Kilili: Dislocated worker grants available in Marianas; $100 million nationwide to aid laid-off workers

Congressman Gregorio Kilili Camacho Sablan (file photo)

WASHINGTON, DC – CNMI Congressman Gregorio Kilili Camacho Sablan said the Marianas is eligible for Dislocated Worker Grant funding the U.S. Department of Labor announced last Wednesday. $100 million is available for the grants, nationwide. The grants pay workers laid off because of the coronavirus to perform disaster-related jobs or get training.

“We included information about the $100 million for Dislocated Worker Grants in Friday’s e-kilili newsletter and were asked to double-check the Marianas is eligible,” Congressman Sablan said.

“Talking with the U.S. Department of Labor’s Office of Congressional Affairs, we confirmed that, yes, the Marianas is eligible, as are all states and insular areas, as well as Indian tribal governments.

“Of course, $100 million will be used quickly with more and more Americans out of work because of the coronavirus. But this money is a down payment on much larger funding that we are preparing to pass in Congress this week.”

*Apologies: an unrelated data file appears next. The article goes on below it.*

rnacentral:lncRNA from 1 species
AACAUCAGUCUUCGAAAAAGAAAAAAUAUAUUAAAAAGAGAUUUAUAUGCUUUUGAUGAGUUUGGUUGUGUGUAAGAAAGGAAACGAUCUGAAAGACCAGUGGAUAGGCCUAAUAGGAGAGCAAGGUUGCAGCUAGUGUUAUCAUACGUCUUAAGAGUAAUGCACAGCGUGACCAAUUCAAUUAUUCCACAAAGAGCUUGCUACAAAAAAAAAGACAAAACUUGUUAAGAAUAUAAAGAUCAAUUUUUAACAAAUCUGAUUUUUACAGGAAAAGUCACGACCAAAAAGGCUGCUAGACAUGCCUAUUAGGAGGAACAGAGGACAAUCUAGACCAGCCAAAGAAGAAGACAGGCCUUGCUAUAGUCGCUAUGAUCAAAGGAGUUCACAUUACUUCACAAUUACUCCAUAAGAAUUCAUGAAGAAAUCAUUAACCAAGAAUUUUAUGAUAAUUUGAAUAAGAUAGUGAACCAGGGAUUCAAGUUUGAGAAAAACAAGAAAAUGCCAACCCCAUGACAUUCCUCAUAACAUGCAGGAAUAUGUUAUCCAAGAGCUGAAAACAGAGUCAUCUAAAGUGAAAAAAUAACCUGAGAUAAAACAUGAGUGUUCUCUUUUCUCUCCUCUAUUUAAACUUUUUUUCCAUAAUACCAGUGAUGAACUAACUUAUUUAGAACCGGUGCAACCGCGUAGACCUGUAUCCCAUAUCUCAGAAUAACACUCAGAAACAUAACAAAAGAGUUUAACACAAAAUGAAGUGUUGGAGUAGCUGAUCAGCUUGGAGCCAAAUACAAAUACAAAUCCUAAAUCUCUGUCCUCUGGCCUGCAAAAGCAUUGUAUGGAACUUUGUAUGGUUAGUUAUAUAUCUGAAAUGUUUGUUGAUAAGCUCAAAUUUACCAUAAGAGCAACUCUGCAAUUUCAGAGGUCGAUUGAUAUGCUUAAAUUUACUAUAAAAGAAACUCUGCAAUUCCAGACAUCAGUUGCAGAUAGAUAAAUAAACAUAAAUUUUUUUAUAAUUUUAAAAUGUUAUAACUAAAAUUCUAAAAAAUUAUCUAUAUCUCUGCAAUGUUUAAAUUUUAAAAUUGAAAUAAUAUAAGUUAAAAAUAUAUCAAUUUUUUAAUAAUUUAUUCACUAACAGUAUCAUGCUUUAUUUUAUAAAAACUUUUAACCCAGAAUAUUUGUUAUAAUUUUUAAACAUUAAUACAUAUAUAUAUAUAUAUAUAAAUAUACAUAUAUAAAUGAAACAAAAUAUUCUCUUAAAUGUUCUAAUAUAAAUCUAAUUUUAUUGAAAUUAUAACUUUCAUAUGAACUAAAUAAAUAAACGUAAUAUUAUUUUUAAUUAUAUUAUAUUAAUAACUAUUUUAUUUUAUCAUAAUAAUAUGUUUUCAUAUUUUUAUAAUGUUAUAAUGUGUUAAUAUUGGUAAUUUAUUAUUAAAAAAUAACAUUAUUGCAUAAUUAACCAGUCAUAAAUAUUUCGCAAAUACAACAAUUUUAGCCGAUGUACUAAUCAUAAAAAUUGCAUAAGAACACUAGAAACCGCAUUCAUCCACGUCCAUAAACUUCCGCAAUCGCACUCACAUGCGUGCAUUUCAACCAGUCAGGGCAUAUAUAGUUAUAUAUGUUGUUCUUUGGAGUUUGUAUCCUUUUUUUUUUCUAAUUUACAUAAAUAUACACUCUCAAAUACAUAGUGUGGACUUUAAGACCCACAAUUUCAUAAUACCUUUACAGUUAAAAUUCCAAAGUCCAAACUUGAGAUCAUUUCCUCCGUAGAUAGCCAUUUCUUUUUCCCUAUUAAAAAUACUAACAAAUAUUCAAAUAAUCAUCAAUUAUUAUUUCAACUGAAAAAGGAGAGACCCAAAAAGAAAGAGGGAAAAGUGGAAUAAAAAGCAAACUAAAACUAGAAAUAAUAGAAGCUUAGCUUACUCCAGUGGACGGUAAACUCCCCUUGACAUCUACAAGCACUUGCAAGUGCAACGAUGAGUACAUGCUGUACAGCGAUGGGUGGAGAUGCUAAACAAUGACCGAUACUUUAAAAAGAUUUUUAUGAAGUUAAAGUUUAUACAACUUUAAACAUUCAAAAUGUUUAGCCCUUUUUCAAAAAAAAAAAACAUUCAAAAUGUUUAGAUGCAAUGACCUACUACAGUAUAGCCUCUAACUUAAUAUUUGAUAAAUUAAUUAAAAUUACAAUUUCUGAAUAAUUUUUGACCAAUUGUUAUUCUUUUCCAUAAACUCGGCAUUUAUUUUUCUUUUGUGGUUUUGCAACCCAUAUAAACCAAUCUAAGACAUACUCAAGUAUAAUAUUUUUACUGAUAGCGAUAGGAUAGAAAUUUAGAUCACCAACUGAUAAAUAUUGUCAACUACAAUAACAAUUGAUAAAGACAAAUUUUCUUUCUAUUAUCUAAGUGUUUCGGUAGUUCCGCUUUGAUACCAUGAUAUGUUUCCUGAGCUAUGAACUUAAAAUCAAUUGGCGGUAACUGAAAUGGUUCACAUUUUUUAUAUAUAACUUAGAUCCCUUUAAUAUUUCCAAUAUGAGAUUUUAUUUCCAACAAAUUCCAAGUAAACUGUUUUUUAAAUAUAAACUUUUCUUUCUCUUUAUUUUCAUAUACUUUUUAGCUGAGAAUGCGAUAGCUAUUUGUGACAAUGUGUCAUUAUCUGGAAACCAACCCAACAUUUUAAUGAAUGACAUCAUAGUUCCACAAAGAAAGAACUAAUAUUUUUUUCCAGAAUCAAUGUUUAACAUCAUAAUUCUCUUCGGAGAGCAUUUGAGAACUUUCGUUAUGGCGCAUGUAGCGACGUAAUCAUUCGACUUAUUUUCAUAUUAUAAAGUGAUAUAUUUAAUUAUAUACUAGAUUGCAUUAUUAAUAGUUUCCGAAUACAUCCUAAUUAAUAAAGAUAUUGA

The CNMI Department of Labor has experience applying for and administering the Dislocated Worker Grants, which were also available after Super Typhoon Yutu.

Eligible workers include those laid off after their employer’s business closes or who cannot go to their regular workplace because of the social distancing requirements in place to stop the spread of the disease. Workers, who miss work to care for a family member or who are quarantined because they are sick, are also eligible. Self-employed individuals, too, who are unemployed or underemployed because of the virus, qualify for the help.

The grants can pay workers to organize or deliver medicine, food, and supplies to the elderly and others, who cannot leave home because they are particularly vulnerable to the coronavirus. With many people forced to shelter in place this way and Commonwealth government austerity measures, there could be an increased need for this kind of humanitarian assistance.

Jobs for dislocated workers after a typhoon often include debris removal, but similar clean-up activities are needed now. The U.S. Department of Labor says its grants can be used to hire people to clean schools or sanitize quarantine or treatment areas after their use. Training activities also can be paid for with the Dislocated Worker Grant funds.